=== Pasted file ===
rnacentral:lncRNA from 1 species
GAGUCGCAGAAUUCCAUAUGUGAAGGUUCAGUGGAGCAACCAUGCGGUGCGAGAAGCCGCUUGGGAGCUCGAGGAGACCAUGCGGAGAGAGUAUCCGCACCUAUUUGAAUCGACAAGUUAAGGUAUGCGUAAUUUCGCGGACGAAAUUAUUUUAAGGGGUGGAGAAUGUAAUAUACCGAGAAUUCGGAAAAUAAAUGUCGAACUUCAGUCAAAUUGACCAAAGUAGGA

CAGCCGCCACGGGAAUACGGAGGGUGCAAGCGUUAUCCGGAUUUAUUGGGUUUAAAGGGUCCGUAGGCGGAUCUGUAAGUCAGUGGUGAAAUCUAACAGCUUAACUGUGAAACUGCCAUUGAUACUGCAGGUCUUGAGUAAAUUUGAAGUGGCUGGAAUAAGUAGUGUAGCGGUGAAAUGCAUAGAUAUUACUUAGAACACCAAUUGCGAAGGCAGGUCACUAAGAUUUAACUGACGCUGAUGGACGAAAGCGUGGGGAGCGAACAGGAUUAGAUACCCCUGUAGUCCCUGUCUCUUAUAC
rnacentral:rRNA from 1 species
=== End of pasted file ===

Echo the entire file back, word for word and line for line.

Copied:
rnacentral:lncRNA from 1 species
GAGUCGCAGAAUUCCAUAUGUGAAGGUUCAGUGGAGCAACCAUGCGGUGCGAGAAGCCGCUUGGGAGCUCGAGGAGACCAUGCGGAGAGAGUAUCCGCACCUAUUUGAAUCGACAAGUUAAGGUAUGCGUAAUUUCGCGGACGAAAUUAUUUUAAGGGGUGGAGAAUGUAAUAUACCGAGAAUUCGGAAAAUAAAUGUCGAACUUCAGUCAAAUUGACCAAAGUAGGA

CAGCCGCCACGGGAAUACGGAGGGUGCAAGCGUUAUCCGGAUUUAUUGGGUUUAAAGGGUCCGUAGGCGGAUCUGUAAGUCAGUGGUGAAAUCUAACAGCUUAACUGUGAAACUGCCAUUGAUACUGCAGGUCUUGAGUAAAUUUGAAGUGGCUGGAAUAAGUAGUGUAGCGGUGAAAUGCAUAGAUAUUACUUAGAACACCAAUUGCGAAGGCAGGUCACUAAGAUUUAACUGACGCUGAUGGACGAAAGCGUGGGGAGCGAACAGGAUUAGAUACCCCUGUAGUCCCUGUCUCUUAUAC
rnacentral:rRNA from 1 species